Tony Townsend was quickly invited on to the editorial board of the New Zealand Family Physician, and the following year, in September 2002, took over the editor’s chair. He held the post for over five years, setting new benchmarks for meeting deadlines and, more importantly, making NZFP the choice of 80 percent of his College colleagues.
In this year’s annual report, his stepping down is noted, with the postscript:
“His contributions to the College and his community over years have been enormous. We hope it has not finished completely.”
Peter Raymond Woolford
Peter Woolford has contributed to assessment processes in the College over many years. He led the group that produced written questions for Primex for the first four years and in his role, he was a member of the Primex committee. He ably led the Applied Knowledge 2 committee through a restructuring of the exam format.
Peter has been a Primex examiner in Auckland since 1990, examining for 16 years – and he has always gone out of his way to assist staff with the setup and running of the exam, including helping to tidy up afterwards.
Peter Woolford has a special interest in Palliative Care. He has always been available to his peers for wise counsel at any time their palliative patients needed it
He represented RNZCGP on the Palliative Care Advisory Committee from February 2007, startling specialist committee members with research into the numbers of palliative care patients treated within general practice, and at how low a cost. It changed many perceptions of the role GPs carry in the fight against cancer.
Peter now has a new project that will provide West Auckland with a state of the art medical centre that espouses his philosophy of what is general practice. His peers look forward to working with him for many years to come, with plenty of discussion about medicine resolved over a glass of red wine, and maybe catching that first snapper off his front lawn.
Peter Martin Jansen
Peter Jansen, Ngati Raukawa, is a motivator when it comes to general practice; as a teacher, researcher and health management advisor for Mauri Ora Associates, who also assists the Treatment Injury and Patient Safety Unit of ACC on a part-time basis as Medical Advisor. Peter has significant experience as a GP in Papakura and Whangamata and was formerly Medical Director of Boehringer Ingelheim (NZ) Limited, a multi-national pharmaceutical company.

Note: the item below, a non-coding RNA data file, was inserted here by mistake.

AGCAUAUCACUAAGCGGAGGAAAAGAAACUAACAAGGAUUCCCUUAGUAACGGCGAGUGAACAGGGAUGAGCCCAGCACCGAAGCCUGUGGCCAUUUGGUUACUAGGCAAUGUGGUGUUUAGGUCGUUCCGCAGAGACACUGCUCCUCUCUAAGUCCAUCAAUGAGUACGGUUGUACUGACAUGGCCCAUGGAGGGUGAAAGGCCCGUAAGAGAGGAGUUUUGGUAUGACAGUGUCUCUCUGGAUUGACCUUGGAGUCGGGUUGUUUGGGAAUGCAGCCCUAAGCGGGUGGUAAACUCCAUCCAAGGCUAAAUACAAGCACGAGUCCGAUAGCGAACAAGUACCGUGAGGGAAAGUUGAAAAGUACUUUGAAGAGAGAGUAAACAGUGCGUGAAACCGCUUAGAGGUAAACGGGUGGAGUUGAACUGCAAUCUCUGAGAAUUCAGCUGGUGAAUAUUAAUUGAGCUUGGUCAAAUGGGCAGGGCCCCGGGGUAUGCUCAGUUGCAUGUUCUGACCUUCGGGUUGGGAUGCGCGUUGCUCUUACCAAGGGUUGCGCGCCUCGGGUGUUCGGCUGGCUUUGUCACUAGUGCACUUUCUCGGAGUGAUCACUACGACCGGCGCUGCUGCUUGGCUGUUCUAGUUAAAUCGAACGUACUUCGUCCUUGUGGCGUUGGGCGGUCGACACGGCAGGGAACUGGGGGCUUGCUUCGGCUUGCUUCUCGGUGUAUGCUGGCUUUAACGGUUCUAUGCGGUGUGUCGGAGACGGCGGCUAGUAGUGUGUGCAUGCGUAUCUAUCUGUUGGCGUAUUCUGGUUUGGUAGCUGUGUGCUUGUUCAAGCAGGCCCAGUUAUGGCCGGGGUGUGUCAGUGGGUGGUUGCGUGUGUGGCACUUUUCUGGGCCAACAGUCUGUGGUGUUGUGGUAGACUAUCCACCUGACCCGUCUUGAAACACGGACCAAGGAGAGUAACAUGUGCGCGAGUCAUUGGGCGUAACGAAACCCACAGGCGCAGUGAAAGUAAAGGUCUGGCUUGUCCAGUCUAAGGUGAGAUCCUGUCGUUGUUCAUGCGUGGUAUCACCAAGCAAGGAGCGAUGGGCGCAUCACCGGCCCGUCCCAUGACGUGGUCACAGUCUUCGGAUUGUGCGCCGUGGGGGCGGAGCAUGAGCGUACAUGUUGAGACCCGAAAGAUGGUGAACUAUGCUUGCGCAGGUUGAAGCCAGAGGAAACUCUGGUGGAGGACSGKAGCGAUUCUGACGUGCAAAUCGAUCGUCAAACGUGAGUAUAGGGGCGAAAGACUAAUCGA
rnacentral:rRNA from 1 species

Peter is a member of the Ministry of Health's Performance Advisory Group for primary care and of Te Roopu Manawa Mai (the ACC Māori Advisory Board) and has published a number of papers relating to cultural competence in health care. He helped lead the project to produce the RNZCGP guidelines on Cultural Competence that were launched at the 2007 College Conference in Rotorua.
Peter's previous appointments have included Deputy Chair of Counties Manukau DHB, Board Member of Mid-Central Health. Peter was also an inaugural director of ProCare IPA, director of Quality Health NZ (formerly the NZ Council of Healthcare Standards), and Clinical Director of Te Kupenga o Hoturoa PHO. Peter was also an inaugural Member of the National Advisory Group for the Development and Implementation of Guidelines (National Health Committee, 1995-1996).
Dr Jansen was instrumental in setting up Te ORA, the Maori Medical Practitioners Association and Te Akoranga a Maui, the Māori Faculty of the College. Peter Jansen brings energy and innovation to the art of general practice.
Jacqueline Sherburd Te Makahi Allan
Dr Jacqueline Sherburd Te Makahi Allan (Kati Mamoe ki Rakiura, Kai Tahu) is a well respected general practitioner who has served the community in South Auckland for many years, with a particular interest in Māori health.
She has both teaching and medical qualifications, and over the past two decades has served, and still serves, on many professional committees and advisory boards.
Jacqueline co-founded, and was the medical director of, Tipu Ora — the Māori Mother and Child Health Organisation and is involved in the Women’s Health League. She has been involved in the establishment of a number of other community Maori health initiatives.
She took a year out of her practice to serve as a commissioner on the Royal Commission on Genetic Modification.
A rural upbringing and a large whanau spread throughout all three islands keeps her in touch with issues all over New Zealand. A love of outdoor life takes her fly-fishing into some of our remote rivers, for solitude and relaxation.
Dr Allan was a founding member of Te ORA (Te Ohu Rata o Aotearoa, the Māori Medical Practitioners Association) and is currently mentoring, teaching and examining young Māori doctors in general practice.
Jacqueline Allan represents the RNZCGP Māori Faculty, Te Akoranga a Maui as a member of the College executive committee.
Mihi atu ki a koe.